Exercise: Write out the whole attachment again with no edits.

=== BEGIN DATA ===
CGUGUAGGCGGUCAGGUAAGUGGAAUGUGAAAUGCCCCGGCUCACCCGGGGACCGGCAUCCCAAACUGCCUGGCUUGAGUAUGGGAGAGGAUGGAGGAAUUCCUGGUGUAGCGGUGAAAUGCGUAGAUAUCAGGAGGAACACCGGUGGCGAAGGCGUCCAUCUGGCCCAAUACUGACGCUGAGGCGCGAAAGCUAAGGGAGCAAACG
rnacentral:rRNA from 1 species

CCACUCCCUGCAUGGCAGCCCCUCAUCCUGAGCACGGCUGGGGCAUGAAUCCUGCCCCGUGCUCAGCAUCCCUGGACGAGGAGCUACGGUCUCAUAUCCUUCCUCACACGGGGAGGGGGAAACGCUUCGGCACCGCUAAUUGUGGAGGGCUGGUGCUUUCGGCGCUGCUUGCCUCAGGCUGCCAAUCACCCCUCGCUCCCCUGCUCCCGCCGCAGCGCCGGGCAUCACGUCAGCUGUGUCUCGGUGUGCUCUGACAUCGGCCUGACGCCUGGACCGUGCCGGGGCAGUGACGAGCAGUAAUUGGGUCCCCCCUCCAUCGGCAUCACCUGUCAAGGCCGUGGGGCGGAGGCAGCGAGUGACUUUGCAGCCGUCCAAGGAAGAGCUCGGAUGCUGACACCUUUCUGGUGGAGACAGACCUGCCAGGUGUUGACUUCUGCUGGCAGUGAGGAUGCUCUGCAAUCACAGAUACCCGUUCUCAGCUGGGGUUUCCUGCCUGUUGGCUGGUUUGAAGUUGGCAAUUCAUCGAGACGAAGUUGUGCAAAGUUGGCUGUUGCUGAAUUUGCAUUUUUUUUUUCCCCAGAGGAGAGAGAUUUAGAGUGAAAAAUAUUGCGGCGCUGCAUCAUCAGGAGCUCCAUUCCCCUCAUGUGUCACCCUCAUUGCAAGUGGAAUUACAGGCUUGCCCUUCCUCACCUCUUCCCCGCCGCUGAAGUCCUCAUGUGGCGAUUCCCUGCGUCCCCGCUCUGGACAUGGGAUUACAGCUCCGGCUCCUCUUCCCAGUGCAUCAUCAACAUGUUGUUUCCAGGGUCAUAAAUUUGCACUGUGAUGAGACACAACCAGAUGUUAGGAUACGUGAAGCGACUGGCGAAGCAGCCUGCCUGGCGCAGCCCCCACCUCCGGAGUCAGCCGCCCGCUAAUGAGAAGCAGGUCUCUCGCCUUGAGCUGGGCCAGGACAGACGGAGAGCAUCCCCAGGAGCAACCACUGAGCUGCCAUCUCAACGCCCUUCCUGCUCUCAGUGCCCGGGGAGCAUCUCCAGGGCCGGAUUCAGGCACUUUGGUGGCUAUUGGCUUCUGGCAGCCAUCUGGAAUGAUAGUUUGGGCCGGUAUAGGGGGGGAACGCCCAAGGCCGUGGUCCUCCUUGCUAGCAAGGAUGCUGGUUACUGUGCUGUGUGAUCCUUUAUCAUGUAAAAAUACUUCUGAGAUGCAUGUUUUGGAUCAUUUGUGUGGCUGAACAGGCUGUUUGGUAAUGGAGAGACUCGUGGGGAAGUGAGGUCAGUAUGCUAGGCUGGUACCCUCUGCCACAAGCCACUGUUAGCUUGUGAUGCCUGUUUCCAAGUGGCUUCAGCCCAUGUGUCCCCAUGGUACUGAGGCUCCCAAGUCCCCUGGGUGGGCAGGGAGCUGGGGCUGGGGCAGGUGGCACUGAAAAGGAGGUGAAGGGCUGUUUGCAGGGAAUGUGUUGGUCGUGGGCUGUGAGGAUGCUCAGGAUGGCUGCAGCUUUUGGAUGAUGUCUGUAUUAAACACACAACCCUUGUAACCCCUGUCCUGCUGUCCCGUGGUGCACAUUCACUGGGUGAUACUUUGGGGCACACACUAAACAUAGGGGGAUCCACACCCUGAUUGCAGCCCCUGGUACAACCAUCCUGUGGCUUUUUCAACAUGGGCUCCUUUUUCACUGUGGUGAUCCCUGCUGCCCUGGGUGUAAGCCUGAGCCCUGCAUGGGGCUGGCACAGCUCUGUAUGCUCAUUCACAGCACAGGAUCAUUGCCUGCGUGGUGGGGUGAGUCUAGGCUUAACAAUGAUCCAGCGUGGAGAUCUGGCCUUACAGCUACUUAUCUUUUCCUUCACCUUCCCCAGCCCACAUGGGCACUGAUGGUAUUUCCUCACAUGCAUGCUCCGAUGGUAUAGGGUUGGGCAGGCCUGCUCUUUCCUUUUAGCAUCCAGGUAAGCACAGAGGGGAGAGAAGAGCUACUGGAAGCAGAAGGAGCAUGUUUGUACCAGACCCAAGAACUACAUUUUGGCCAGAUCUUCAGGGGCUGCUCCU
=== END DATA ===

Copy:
CGUGUAGGCGGUCAGGUAAGUGGAAUGUGAAAUGCCCCGGCUCACCCGGGGACCGGCAUCCCAAACUGCCUGGCUUGAGUAUGGGAGAGGAUGGAGGAAUUCCUGGUGUAGCGGUGAAAUGCGUAGAUAUCAGGAGGAACACCGGUGGCGAAGGCGUCCAUCUGGCCCAAUACUGACGCUGAGGCGCGAAAGCUAAGGGAGCAAACG
rnacentral:rRNA from 1 species

CCACUCCCUGCAUGGCAGCCCCUCAUCCUGAGCACGGCUGGGGCAUGAAUCCUGCCCCGUGCUCAGCAUCCCUGGACGAGGAGCUACGGUCUCAUAUCCUUCCUCACACGGGGAGGGGGAAACGCUUCGGCACCGCUAAUUGUGGAGGGCUGGUGCUUUCGGCGCUGCUUGCCUCAGGCUGCCAAUCACCCCUCGCUCCCCUGCUCCCGCCGCAGCGCCGGGCAUCACGUCAGCUGUGUCUCGGUGUGCUCUGACAUCGGCCUGACGCCUGGACCGUGCCGGGGCAGUGACGAGCAGUAAUUGGGUCCCCCCUCCAUCGGCAUCACCUGUCAAGGCCGUGGGGCGGAGGCAGCGAGUGACUUUGCAGCCGUCCAAGGAAGAGCUCGGAUGCUGACACCUUUCUGGUGGAGACAGACCUGCCAGGUGUUGACUUCUGCUGGCAGUGAGGAUGCUCUGCAAUCACAGAUACCCGUUCUCAGCUGGGGUUUCCUGCCUGUUGGCUGGUUUGAAGUUGGCAAUUCAUCGAGACGAAGUUGUGCAAAGUUGGCUGUUGCUGAAUUUGCAUUUUUUUUUUCCCCAGAGGAGAGAGAUUUAGAGUGAAAAAUAUUGCGGCGCUGCAUCAUCAGGAGCUCCAUUCCCCUCAUGUGUCACCCUCAUUGCAAGUGGAAUUACAGGCUUGCCCUUCCUCACCUCUUCCCCGCCGCUGAAGUCCUCAUGUGGCGAUUCCCUGCGUCCCCGCUCUGGACAUGGGAUUACAGCUCCGGCUCCUCUUCCCAGUGCAUCAUCAACAUGUUGUUUCCAGGGUCAUAAAUUUGCACUGUGAUGAGACACAACCAGAUGUUAGGAUACGUGAAGCGACUGGCGAAGCAGCCUGCCUGGCGCAGCCCCCACCUCCGGAGUCAGCCGCCCGCUAAUGAGAAGCAGGUCUCUCGCCUUGAGCUGGGCCAGGACAGACGGAGAGCAUCCCCAGGAGCAACCACUGAGCUGCCAUCUCAACGCCCUUCCUGCUCUCAGUGCCCGGGGAGCAUCUCCAGGGCCGGAUUCAGGCACUUUGGUGGCUAUUGGCUUCUGGCAGCCAUCUGGAAUGAUAGUUUGGGCCGGUAUAGGGGGGGAACGCCCAAGGCCGUGGUCCUCCUUGCUAGCAAGGAUGCUGGUUACUGUGCUGUGUGAUCCUUUAUCAUGUAAAAAUACUUCUGAGAUGCAUGUUUUGGAUCAUUUGUGUGGCUGAACAGGCUGUUUGGUAAUGGAGAGACUCGUGGGGAAGUGAGGUCAGUAUGCUAGGCUGGUACCCUCUGCCACAAGCCACUGUUAGCUUGUGAUGCCUGUUUCCAAGUGGCUUCAGCCCAUGUGUCCCCAUGGUACUGAGGCUCCCAAGUCCCCUGGGUGGGCAGGGAGCUGGGGCUGGGGCAGGUGGCACUGAAAAGGAGGUGAAGGGCUGUUUGCAGGGAAUGUGUUGGUCGUGGGCUGUGAGGAUGCUCAGGAUGGCUGCAGCUUUUGGAUGAUGUCUGUAUUAAACACACAACCCUUGUAACCCCUGUCCUGCUGUCCCGUGGUGCACAUUCACUGGGUGAUACUUUGGGGCACACACUAAACAUAGGGGGAUCCACACCCUGAUUGCAGCCCCUGGUACAACCAUCCUGUGGCUUUUUCAACAUGGGCUCCUUUUUCACUGUGGUGAUCCCUGCUGCCCUGGGUGUAAGCCUGAGCCCUGCAUGGGGCUGGCACAGCUCUGUAUGCUCAUUCACAGCACAGGAUCAUUGCCUGCGUGGUGGGGUGAGUCUAGGCUUAACAAUGAUCCAGCGUGGAGAUCUGGCCUUACAGCUACUUAUCUUUUCCUUCACCUUCCCCAGCCCACAUGGGCACUGAUGGUAUUUCCUCACAUGCAUGCUCCGAUGGUAUAGGGUUGGGCAGGCCUGCUCUUUCCUUUUAGCAUCCAGGUAAGCACAGAGGGGAGAGAAGAGCUACUGGAAGCAGAAGGAGCAUGUUUGUACCAGACCCAAGAACUACAUUUUGGCCAGAUCUUCAGGGGCUGCUCCU